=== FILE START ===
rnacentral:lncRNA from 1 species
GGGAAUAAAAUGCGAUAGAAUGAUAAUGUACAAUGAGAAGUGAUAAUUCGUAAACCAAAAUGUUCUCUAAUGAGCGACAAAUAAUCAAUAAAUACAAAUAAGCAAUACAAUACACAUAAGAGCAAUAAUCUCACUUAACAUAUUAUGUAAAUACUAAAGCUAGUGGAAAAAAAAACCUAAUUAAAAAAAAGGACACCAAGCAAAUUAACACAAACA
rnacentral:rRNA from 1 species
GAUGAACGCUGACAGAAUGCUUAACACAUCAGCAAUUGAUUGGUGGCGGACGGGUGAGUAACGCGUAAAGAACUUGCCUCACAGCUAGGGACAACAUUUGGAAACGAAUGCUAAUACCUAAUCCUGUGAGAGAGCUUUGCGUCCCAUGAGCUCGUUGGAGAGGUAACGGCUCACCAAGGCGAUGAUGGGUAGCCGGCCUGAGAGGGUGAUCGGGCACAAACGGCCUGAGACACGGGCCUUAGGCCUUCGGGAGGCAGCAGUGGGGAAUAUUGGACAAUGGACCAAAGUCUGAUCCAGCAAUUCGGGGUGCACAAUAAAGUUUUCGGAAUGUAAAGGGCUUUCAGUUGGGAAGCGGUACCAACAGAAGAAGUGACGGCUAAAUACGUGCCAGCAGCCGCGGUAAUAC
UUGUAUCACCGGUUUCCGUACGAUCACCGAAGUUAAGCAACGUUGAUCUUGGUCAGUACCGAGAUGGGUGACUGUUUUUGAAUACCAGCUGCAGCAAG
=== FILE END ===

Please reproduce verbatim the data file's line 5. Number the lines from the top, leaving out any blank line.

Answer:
UUGUAUCACCGGUUUCCGUACGAUCACCGAAGUUAAGCAACGUUGAUCUUGGUCAGUACCGAGAUGGGUGACUGUUUUUGAAUACCAGCUGCAGCAAG